As a family we have not been outside for nearly a month, and I am going out only late at night to buy groceries when we need them. I spoke with a friend of mine who is a history professor. He has spent his career studying biological warfare and pandemics. He said I was doing the right thing, that one can’t be too careful or too paranoid at a time like this. I take some comfort in this, also in that if we had left the city, we may have been going from the frying pan to the fire.

The way to prevent illness is very basic: Stay home, only leave home if you need to, stay six feet away from people when you do, wash your hands, and don’t touch your face.

We’ve all become painfully aware of how often we touch our faces. It’s an awareness that will stay with us when this is over.

This pandemic is of an historic magnitude on par with the Great Depression—some experts predict unemployment could rise as high as 20%, levels not seen since that time. Also, the Depression ushered in a new alignment of a more active government. The U.S. response to the COVID-19 outbreak runs the gamut from bumbled and patchwork to murderously incompetent. There needs to be a reckoning for this, both here and abroad.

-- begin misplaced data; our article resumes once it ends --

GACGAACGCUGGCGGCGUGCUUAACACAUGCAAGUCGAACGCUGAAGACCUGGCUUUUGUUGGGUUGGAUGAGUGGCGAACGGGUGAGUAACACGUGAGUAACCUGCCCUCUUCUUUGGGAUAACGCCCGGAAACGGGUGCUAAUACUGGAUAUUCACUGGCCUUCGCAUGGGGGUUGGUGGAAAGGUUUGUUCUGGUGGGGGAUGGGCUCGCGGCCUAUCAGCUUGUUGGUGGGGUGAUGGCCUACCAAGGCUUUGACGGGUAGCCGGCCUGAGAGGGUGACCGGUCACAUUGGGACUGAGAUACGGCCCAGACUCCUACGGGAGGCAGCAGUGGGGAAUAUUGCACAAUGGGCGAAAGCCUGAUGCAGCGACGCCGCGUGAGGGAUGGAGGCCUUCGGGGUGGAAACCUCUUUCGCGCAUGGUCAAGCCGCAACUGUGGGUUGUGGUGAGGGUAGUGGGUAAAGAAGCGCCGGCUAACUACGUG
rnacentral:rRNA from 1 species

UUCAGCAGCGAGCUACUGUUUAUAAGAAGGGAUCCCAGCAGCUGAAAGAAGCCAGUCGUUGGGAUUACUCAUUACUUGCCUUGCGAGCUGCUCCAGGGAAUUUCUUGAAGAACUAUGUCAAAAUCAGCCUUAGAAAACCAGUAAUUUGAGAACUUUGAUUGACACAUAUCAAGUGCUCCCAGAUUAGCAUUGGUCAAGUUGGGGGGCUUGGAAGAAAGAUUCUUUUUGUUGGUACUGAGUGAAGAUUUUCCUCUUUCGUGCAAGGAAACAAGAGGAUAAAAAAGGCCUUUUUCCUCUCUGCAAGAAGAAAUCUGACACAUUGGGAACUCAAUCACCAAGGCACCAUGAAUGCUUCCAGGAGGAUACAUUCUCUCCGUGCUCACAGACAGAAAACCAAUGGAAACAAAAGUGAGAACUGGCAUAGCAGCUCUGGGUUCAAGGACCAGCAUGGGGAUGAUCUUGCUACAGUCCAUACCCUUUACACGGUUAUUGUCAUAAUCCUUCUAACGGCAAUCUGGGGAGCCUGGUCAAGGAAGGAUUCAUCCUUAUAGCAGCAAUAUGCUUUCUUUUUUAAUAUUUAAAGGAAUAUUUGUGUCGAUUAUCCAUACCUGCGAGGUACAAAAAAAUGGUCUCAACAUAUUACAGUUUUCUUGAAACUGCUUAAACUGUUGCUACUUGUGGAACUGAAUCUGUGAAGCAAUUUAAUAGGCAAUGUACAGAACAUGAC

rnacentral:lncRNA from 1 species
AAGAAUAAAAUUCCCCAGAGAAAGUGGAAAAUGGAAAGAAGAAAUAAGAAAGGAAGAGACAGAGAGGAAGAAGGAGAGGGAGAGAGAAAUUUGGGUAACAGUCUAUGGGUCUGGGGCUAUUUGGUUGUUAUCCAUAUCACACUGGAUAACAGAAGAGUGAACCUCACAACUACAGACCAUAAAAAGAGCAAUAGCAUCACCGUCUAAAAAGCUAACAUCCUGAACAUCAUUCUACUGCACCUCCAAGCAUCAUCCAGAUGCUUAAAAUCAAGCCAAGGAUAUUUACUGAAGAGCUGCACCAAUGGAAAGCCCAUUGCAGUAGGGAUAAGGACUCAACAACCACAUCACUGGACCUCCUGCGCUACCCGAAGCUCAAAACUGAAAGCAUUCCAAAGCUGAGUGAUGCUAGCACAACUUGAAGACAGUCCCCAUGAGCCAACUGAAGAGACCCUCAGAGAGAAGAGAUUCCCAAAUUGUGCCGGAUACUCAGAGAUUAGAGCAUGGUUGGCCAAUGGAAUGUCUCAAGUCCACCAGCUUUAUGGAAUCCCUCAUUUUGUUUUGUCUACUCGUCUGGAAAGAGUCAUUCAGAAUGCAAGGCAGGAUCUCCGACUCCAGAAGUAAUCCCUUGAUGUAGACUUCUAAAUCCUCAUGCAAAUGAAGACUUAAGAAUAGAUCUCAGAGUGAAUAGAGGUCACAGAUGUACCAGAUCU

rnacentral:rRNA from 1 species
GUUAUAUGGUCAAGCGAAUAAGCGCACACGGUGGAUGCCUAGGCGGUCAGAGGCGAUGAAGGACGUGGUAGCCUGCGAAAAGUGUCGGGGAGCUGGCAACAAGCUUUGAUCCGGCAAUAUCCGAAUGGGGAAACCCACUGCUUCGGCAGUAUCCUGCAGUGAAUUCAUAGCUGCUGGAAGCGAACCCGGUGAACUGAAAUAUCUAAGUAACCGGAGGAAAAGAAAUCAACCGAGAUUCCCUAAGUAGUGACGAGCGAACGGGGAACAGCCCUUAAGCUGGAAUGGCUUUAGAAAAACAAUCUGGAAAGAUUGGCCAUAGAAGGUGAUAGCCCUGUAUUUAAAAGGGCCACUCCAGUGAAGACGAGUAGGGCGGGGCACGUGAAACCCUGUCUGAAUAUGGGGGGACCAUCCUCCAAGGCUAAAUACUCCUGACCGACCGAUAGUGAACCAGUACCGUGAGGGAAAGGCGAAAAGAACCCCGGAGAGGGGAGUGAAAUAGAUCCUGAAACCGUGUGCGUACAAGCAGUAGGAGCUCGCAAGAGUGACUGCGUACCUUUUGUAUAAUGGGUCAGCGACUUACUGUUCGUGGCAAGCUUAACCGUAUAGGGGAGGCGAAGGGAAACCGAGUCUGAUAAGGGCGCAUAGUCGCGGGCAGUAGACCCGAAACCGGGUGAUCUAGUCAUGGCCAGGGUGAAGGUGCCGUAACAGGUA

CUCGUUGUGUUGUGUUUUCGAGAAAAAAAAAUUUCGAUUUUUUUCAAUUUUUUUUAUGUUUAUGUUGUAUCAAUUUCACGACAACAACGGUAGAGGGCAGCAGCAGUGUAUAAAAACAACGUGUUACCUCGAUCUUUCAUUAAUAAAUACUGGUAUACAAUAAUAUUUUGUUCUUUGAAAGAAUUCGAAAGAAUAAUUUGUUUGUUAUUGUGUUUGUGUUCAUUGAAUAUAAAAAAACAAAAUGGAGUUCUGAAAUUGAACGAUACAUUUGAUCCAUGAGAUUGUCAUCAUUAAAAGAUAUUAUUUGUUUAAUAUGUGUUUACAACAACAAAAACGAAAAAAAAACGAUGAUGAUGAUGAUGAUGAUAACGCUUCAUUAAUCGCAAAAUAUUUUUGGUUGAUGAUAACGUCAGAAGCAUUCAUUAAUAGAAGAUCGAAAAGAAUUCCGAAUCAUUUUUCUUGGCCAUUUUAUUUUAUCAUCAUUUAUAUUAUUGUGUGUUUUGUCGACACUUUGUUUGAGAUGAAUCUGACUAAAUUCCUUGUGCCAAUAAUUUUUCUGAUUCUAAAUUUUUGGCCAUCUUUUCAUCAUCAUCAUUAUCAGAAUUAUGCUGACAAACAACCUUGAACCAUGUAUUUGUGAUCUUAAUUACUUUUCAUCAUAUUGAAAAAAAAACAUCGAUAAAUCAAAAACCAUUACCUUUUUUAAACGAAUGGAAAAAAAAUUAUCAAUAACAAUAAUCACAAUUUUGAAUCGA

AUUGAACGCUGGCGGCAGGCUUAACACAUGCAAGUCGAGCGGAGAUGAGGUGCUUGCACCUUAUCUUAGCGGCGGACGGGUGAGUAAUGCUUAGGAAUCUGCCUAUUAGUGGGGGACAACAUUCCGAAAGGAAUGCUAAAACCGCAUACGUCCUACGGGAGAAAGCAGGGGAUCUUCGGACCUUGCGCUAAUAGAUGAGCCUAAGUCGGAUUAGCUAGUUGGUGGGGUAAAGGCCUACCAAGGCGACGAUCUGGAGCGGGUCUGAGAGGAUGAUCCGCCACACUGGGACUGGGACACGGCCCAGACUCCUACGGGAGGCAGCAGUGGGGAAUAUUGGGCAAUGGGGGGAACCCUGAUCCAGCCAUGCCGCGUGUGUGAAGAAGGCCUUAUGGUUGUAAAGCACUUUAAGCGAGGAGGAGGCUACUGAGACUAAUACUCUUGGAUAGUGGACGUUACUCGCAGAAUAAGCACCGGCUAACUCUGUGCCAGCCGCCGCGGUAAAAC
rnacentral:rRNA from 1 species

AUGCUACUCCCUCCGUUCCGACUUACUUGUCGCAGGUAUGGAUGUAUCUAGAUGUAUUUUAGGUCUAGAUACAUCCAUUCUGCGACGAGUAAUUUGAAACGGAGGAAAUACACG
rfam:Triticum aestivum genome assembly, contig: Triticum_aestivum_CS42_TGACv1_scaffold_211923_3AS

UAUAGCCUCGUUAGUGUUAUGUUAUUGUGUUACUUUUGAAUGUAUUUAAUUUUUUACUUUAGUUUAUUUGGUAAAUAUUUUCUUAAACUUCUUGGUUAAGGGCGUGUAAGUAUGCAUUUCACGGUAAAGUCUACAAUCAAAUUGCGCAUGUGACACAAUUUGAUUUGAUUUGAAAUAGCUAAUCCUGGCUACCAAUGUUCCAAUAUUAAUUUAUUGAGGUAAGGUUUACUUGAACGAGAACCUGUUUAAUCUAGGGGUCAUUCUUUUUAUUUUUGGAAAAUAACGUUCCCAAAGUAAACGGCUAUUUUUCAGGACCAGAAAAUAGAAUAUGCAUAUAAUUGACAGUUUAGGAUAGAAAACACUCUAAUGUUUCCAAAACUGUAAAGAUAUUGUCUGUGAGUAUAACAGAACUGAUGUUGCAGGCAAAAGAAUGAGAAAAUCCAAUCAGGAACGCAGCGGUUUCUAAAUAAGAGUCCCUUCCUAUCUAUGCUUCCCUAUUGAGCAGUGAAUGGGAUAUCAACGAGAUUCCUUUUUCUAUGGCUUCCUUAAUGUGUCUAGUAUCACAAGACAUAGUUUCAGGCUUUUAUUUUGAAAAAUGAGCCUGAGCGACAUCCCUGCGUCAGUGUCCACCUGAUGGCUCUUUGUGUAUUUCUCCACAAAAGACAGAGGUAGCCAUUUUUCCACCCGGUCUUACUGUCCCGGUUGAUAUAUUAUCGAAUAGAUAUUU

And this crisis comes with a reordering of priorities. We’re talking to friends more, staying in touch with family over the phone or through online chat services because we don’t know when we’ll get the chance to meet again in person. We want to check in with people to make sure they are not forgotten, if there is a way to help. People are getting together to hold benefits, help friends in need; it’s what is most important now.